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We can thank Young MC for popularizing the phrase "Bust A Move," which means to take action of some kind. The song follows a guy who seems hapless with women, but somehow keeps getting lucky. In the first first, he busts a move by dancing with a girl who shows interest. Later, he considers becoming a monk but meets a girl in a movie theater. At the end of the song, he's the best man at a wedding, and when a bridesmaid shows interest, he gets to bust a different kind of move when she wants to "dance to a different groove." It's all good fun, and it helped make rap music acceptable for a much wider audience.
Flea from The Red hot Chili Peppers played bass on this song and appeared in the video, but he didn't reap the rewards. He explained to Bass Player magazine: "I have a bitter taste in my mouth about that, because I feel as though I got ripped off. The bass line I wrote ended up being a major melody of the tune, and I felt I deserved songwriting credit and money because it was a #1 hit. They sold millions of records, and I got $200! Afterwards, my lawyer told them, 'You should throw down Flea some cash,' but the record company said, 'We told him exactly what to play.' No one was even in the room at the time but me and the engineer! It was ridiculous, but I learned from it."
Young MC's real name is Marvin Young. He wrote this and also composed Tone Loc's hits "Wild Thing" and "Funky Cold Medina."
This was Young MC's only big hit, although he did have another US Top-40 with "Principal's Office." He was one of the first to write catchy, fun Rap songs that crossed over to the world of Pop. Young MC recalled to Rolling Stone: "People looked at Rap and Hard Rock as the type of music that you slam your door after you argue with your parents, and bang your head in defiance. My record wasn't necessarily rebellious, but it was clever enough to grab in a decent segment of people that didn't listen to Rap music."
This won a Grammy for Best Rap Performance. It was only the second year the category existed, and the next year it was eliminated to recognize Rap Solo and Rap Duo Or Group performances. The previous years' winner was DJ Jazzy Jeff & The Fresh Prince for "Parents Just Don't Understand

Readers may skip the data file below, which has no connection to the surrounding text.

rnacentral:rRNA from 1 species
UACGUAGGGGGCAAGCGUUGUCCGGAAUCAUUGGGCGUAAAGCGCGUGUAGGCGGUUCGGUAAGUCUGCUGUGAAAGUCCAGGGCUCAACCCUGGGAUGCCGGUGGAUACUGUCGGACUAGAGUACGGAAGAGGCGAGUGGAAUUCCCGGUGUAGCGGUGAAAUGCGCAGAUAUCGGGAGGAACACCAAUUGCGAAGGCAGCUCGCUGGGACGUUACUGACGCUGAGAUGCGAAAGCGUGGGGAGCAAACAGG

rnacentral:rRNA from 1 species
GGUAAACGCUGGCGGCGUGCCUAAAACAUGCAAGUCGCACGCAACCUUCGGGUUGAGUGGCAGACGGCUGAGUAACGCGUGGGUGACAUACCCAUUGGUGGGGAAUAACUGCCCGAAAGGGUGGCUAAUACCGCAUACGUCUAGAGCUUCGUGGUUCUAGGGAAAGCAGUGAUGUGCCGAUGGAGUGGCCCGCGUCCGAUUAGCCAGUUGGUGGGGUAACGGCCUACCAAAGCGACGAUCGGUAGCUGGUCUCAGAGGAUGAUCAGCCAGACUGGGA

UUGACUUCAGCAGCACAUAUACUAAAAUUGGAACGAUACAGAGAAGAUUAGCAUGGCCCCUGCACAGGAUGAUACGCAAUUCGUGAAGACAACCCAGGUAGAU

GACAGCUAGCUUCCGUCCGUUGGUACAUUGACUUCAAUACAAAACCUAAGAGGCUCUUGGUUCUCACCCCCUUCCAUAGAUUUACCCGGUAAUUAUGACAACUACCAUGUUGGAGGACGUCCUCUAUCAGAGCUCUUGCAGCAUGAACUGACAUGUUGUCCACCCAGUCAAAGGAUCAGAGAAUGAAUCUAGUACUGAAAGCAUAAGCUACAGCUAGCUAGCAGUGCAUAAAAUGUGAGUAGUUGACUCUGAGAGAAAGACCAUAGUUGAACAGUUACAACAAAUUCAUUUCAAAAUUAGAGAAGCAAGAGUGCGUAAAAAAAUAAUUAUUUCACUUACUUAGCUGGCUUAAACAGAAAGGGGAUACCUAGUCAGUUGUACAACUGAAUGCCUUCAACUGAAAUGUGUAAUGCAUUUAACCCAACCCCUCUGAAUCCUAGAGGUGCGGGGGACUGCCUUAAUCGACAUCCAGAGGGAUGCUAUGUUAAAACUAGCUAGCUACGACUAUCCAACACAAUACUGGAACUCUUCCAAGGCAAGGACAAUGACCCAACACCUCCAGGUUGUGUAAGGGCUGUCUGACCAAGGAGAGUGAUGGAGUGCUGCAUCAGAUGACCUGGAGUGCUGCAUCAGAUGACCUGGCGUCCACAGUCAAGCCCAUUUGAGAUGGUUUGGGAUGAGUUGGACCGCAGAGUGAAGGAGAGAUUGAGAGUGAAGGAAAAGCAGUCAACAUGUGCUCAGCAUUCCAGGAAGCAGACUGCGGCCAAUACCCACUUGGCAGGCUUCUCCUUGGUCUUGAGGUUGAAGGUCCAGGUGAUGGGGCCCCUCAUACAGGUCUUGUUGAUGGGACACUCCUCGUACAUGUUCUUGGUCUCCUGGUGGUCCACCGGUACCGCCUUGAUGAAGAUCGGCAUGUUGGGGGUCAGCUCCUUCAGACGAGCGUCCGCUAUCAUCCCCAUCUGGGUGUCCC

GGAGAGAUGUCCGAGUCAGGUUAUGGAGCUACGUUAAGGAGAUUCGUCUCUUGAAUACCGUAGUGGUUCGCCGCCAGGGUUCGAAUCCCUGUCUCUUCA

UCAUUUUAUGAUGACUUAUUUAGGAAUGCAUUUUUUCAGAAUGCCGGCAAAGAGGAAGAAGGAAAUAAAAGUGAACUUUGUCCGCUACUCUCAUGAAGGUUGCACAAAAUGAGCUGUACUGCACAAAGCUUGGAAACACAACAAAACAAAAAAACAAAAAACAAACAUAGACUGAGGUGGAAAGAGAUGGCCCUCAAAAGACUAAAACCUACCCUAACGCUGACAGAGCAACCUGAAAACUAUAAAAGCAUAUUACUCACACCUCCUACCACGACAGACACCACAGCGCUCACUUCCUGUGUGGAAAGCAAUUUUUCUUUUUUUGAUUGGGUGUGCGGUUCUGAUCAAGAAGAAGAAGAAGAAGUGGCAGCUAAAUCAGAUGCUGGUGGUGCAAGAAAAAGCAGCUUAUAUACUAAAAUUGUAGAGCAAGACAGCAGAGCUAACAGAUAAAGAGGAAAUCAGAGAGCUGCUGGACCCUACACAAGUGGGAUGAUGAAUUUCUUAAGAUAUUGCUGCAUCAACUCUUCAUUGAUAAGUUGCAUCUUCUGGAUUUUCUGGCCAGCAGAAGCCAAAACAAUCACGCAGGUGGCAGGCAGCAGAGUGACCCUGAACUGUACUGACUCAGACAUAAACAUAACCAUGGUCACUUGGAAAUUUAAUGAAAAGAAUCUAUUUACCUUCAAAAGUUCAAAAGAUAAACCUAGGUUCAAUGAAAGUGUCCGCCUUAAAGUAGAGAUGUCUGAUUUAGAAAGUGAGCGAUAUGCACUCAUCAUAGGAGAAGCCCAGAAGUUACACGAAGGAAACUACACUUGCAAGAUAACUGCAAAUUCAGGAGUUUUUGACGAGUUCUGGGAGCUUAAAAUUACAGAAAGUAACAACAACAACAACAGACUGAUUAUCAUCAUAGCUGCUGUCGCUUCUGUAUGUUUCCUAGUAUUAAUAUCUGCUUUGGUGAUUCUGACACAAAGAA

The main sample in this song is a loop from a song called "Found A Child" by a Seattle Funk group called Ballin' Jack. Their song came out in 1970, and it's amazing that it took 19 years for a rapper to boost it - the 15 seconds of bass, drums and vocal stabs on the song makes a perfect foundation for a rap hit in an era when sampling was widespread.
Young MC performs this in the film Up In The Air, where George Clooney plays a guy who is constantly traveling. Clooney crashes a convention at the hotel where he's staying, and Young MC is the performer. These private functions are lucrative gigs for artists who have fallen out of the spotlight (and for some still in it), but they are rarely portrayed in movies.
Artis the Spoonman
Even before Soundgarden wrote a song about him, Artis was the most famous spoon player of all time. So why has he always been broke?
The only Irishman to play at Woodstock (backing Joe Cocker), Henry was an early member of Paul McCartney's band Wings.
Susanna Hoffs - "Eternal Flame"
The Prince-penned "Manic Monday" was the first song The Bangles heard coming from a car radio, but "Eternal Flame" is closest to Susanna's heart, perhaps because she sang it in "various states of undress."